Former House Speaker Dean Cannon (R-Winter Park) became the second power republican legislator to celebrate Florida’s test-dominated education system. Cannon takes to the pages of the Orlando Sentinel this morning:
Florida received some good news recently. Education Week reports that Florida’s African-American and Hispanic students are more likely to graduate from high school than their peers in other states.
The 2012 “Diplomas Count” report compared Florida to the rest of the nation and found that our Hispanic graduates beat the national graduation-rate average by 10 percentage points. African-American students exceed the average by 3.5 points. In fact, Florida places third in the nation for the largest increases in graduation rates of all students over the past 10 years, jumping from 52.5 percent in 1999 to 70.4 percent a decade later, in 2009
How did this happen? Committed teachers, principals and parents. Students who work hard. And yes, the FCAT.
While Cannon says that, “before FCAT, we had fewer graduates and higher dropout rates,”he doesn’t say how FCAT did so aside from a breezy “raise the bar” throw away. It’s a slight improvement in rhetoric to at least grudgingly give credit to “teachers, principles and parents,” but Cannon spends more time talking about data than other measures that Florida had in place such as reading programs, class size limits and serious ESOL training.
While Cannon’s point that there’s significant increase in the number of African-American and Hispanic kids who graduate is reason to be happy, real interventions – and FCAT played a far greater role. Still, Cannon’s not telling the whole story and in another part of the Sentinel this morning reveals why:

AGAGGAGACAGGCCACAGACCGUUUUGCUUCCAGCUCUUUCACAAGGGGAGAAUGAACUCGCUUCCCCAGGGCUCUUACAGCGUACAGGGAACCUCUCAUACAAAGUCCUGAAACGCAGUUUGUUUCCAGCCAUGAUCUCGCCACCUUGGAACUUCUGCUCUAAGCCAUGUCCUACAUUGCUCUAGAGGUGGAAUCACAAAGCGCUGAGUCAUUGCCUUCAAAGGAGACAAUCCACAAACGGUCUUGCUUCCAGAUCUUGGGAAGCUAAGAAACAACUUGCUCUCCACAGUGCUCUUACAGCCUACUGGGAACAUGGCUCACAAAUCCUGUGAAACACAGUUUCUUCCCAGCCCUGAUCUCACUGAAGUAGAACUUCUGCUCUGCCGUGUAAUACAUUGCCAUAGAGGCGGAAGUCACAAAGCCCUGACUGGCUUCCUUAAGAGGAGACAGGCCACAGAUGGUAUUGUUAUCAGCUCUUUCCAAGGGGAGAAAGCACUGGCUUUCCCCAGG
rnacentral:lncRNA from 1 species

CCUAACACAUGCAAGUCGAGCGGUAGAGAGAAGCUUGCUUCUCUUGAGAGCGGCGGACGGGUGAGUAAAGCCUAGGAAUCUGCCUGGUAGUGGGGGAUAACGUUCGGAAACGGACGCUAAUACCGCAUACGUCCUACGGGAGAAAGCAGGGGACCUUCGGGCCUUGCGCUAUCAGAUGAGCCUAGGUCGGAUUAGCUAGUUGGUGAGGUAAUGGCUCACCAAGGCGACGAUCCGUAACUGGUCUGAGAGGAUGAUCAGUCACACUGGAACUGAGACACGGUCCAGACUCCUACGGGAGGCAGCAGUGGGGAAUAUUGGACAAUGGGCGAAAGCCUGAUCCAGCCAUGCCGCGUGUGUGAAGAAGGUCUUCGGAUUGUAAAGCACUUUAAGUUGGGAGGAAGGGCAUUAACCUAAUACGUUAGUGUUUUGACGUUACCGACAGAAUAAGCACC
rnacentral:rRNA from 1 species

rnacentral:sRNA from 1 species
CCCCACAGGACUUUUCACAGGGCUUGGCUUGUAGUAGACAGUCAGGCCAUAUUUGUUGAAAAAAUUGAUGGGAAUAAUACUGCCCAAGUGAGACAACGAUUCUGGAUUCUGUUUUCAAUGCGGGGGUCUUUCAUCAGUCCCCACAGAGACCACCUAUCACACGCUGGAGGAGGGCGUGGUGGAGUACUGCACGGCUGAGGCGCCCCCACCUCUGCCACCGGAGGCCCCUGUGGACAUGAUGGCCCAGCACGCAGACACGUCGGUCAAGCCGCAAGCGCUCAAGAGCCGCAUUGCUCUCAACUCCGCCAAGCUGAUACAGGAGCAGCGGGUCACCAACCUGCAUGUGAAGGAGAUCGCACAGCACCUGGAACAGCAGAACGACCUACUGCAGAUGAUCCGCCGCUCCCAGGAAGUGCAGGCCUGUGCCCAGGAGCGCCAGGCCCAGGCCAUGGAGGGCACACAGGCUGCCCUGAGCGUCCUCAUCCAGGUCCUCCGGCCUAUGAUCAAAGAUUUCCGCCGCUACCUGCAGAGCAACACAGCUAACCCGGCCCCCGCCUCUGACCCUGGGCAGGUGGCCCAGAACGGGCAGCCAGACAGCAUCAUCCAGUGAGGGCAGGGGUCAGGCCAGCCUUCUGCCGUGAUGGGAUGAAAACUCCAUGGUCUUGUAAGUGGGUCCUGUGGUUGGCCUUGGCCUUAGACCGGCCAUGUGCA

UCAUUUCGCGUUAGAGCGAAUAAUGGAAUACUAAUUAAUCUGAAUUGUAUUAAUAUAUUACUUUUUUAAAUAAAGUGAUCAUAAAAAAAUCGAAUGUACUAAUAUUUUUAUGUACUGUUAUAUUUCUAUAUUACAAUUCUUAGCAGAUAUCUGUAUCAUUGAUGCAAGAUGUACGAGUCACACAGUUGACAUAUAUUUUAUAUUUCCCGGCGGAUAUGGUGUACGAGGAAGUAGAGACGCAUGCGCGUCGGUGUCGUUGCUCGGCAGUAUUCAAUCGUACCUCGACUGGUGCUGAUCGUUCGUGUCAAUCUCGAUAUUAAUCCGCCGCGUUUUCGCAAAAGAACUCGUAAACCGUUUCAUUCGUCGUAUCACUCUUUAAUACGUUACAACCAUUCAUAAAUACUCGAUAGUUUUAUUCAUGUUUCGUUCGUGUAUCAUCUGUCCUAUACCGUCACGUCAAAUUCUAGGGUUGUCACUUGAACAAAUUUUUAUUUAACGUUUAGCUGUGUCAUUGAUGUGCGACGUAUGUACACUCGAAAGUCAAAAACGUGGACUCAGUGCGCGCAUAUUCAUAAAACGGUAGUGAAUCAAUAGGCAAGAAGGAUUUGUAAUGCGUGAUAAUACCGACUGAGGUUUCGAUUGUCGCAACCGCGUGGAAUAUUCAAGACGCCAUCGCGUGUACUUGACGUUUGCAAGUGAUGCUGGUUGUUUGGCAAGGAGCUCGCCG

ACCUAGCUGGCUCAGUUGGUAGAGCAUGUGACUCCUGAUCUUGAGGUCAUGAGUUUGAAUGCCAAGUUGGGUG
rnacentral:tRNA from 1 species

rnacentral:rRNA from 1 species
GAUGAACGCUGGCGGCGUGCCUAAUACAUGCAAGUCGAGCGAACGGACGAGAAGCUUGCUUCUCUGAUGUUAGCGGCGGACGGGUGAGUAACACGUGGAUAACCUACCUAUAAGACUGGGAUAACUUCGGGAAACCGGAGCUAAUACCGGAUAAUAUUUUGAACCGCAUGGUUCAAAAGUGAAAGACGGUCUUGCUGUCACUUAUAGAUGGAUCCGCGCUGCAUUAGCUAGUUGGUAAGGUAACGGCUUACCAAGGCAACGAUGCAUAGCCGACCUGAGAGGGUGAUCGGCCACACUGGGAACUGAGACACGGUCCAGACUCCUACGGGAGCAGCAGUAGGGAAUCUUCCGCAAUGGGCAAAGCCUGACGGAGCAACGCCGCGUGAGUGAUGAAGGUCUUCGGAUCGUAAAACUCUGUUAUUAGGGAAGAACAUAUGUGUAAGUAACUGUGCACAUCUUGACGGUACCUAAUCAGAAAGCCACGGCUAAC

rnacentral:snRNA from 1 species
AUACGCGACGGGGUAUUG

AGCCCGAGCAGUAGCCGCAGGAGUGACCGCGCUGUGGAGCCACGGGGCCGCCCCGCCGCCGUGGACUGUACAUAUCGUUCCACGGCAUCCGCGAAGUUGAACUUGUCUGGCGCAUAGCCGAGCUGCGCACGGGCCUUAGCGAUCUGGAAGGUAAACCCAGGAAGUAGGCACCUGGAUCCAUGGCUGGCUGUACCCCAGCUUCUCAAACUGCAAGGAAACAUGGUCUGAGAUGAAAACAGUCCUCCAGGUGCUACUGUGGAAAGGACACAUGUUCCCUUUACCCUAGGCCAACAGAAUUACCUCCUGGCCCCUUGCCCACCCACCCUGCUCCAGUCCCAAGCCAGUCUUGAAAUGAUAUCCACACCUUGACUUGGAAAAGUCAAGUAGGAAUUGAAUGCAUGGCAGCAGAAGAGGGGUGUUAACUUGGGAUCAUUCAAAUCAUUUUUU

The number of young Floridians with a college degree fell in 2010 to about 817,000 — a decrease of about 19,000 from 2009, according to new estimates.
The Florida drop runs counter to a national uptick in college-educated Americans that the Obama administration plans to tout when the nation’s governors gather in Virginia later this week. In 2010, 15.9 million Americans between the ages of 25 and 34 had a college degree, a bump of about 100,000 from the year before.
Such a subtle outlier represents students and not test scores. So do the 55 percent of Florida college freshmen who need remediation in reading, writing or math when they arrive. Moreover, both the college grad and remediation rates suggest that a disturbing number of Florida HS grads are utilizing online credit recovery programs, none of which come close to providing the sort of rigor which prepares them for post secondary work.
Floridians are quickly finding out that a one day test which essentially compares this year’s apples to last year’s oranges only suits the interest of politicians like Cannon in keeping power in Tallahassee. Nevermind whether or not Florida’s students are benefiting.